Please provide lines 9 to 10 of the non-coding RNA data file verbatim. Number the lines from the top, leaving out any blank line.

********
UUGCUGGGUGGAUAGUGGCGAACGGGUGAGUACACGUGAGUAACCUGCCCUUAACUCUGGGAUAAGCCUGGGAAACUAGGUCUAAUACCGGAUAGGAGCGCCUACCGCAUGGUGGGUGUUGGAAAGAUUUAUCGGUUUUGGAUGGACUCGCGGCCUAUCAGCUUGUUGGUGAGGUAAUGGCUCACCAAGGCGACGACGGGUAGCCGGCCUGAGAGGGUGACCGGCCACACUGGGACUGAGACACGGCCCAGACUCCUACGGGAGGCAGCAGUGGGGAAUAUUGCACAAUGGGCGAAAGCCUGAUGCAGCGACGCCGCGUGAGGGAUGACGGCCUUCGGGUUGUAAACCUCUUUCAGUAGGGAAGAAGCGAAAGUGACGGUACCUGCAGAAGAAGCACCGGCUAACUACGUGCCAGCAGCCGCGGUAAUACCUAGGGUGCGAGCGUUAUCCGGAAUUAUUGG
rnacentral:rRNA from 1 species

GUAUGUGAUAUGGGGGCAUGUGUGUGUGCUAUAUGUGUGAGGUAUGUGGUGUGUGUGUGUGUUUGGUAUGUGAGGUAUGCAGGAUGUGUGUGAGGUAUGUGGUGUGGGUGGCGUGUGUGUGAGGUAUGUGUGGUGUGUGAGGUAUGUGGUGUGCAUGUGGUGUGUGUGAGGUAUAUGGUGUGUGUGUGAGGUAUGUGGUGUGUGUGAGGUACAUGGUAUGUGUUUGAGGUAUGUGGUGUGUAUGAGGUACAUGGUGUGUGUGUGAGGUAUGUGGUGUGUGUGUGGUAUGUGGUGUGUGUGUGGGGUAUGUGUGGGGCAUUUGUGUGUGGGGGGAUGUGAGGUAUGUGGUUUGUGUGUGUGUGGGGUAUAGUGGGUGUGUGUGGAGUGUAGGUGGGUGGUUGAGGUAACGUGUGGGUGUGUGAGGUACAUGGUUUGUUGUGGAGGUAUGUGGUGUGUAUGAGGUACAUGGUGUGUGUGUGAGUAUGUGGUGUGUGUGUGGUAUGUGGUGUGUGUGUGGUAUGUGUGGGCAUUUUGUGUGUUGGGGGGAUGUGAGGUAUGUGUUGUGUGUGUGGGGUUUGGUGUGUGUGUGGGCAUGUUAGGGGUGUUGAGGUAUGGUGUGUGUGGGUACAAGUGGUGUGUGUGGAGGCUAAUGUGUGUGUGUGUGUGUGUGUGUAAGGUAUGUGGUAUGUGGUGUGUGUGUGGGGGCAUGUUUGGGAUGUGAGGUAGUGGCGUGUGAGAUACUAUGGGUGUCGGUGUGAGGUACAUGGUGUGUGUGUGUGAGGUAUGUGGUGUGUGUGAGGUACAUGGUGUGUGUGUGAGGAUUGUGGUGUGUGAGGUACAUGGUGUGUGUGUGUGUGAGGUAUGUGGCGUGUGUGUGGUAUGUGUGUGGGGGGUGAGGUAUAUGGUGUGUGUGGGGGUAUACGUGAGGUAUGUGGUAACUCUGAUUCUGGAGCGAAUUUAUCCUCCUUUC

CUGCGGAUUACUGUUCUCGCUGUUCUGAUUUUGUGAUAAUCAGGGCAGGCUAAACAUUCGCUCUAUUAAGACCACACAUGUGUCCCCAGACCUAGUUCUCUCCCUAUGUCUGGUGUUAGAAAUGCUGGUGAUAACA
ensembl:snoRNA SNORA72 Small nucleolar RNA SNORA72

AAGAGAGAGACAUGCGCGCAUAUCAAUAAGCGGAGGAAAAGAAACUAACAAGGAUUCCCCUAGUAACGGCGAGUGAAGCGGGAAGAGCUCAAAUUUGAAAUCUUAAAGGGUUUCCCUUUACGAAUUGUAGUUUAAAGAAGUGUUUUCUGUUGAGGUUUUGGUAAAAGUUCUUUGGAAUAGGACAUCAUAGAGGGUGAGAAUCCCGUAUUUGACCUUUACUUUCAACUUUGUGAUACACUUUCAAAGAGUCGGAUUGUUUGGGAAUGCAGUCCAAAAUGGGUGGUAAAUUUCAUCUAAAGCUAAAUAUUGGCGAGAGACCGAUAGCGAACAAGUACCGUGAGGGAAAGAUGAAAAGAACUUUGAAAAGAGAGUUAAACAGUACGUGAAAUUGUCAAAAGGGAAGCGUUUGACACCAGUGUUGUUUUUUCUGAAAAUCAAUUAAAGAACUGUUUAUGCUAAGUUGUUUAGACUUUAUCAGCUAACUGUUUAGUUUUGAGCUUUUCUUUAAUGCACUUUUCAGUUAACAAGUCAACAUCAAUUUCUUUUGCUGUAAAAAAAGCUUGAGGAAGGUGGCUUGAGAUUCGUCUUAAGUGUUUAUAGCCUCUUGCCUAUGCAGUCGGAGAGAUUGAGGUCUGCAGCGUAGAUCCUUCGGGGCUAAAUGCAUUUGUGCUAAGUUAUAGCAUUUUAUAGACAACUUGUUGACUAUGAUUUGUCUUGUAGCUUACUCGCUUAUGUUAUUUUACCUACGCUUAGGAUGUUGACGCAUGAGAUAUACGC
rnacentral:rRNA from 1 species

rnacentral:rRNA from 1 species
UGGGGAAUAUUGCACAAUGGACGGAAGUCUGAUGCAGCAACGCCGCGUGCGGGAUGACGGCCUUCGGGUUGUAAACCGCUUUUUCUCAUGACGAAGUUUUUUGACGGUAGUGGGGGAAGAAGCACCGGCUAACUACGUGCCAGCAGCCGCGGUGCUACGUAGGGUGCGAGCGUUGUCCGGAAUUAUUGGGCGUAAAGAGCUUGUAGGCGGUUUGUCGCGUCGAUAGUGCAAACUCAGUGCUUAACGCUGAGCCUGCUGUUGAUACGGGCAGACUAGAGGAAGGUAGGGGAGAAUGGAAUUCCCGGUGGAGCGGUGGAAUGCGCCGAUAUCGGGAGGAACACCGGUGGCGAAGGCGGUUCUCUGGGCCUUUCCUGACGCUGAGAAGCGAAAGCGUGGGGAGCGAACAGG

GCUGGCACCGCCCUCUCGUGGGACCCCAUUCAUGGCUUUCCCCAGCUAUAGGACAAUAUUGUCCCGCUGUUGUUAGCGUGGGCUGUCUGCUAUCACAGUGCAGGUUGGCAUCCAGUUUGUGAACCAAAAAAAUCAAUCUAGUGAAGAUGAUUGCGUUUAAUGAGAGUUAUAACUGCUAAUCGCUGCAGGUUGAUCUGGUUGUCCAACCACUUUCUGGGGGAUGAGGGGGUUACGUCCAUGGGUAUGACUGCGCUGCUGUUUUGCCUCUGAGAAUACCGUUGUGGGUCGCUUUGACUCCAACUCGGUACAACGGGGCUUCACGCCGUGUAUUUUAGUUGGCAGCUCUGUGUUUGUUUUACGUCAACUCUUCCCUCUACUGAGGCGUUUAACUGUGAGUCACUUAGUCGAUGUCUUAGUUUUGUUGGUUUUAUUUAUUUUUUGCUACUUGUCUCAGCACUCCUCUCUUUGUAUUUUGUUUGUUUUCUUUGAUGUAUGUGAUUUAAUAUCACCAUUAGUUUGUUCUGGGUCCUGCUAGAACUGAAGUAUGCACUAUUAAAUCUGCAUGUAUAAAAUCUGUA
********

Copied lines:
UGGGGAAUAUUGCACAAUGGACGGAAGUCUGAUGCAGCAACGCCGCGUGCGGGAUGACGGCCUUCGGGUUGUAAACCGCUUUUUCUCAUGACGAAGUUUUUUGACGGUAGUGGGGGAAGAAGCACCGGCUAACUACGUGCCAGCAGCCGCGGUGCUACGUAGGGUGCGAGCGUUGUCCGGAAUUAUUGGGCGUAAAGAGCUUGUAGGCGGUUUGUCGCGUCGAUAGUGCAAACUCAGUGCUUAACGCUGAGCCUGCUGUUGAUACGGGCAGACUAGAGGAAGGUAGGGGAGAAUGGAAUUCCCGGUGGAGCGGUGGAAUGCGCCGAUAUCGGGAGGAACACCGGUGGCGAAGGCGGUUCUCUGGGCCUUUCCUGACGCUGAGAAGCGAAAGCGUGGGGAGCGAACAGG

GCUGGCACCGCCCUCUCGUGGGACCCCAUUCAUGGCUUUCCCCAGCUAUAGGACAAUAUUGUCCCGCUGUUGUUAGCGUGGGCUGUCUGCUAUCACAGUGCAGGUUGGCAUCCAGUUUGUGAACCAAAAAAAUCAAUCUAGUGAAGAUGAUUGCGUUUAAUGAGAGUUAUAACUGCUAAUCGCUGCAGGUUGAUCUGGUUGUCCAACCACUUUCUGGGGGAUGAGGGGGUUACGUCCAUGGGUAUGACUGCGCUGCUGUUUUGCCUCUGAGAAUACCGUUGUGGGUCGCUUUGACUCCAACUCGGUACAACGGGGCUUCACGCCGUGUAUUUUAGUUGGCAGCUCUGUGUUUGUUUUACGUCAACUCUUCCCUCUACUGAGGCGUUUAACUGUGAGUCACUUAGUCGAUGUCUUAGUUUUGUUGGUUUUAUUUAUUUUUUGCUACUUGUCUCAGCACUCCUCUCUUUGUAUUUUGUUUGUUUUCUUUGAUGUAUGUGAUUUAAUAUCACCAUUAGUUUGUUCUGGGUCCUGCUAGAACUGAAGUAUGCACUAUUAAAUCUGCAUGUAUAAAAUCUGUA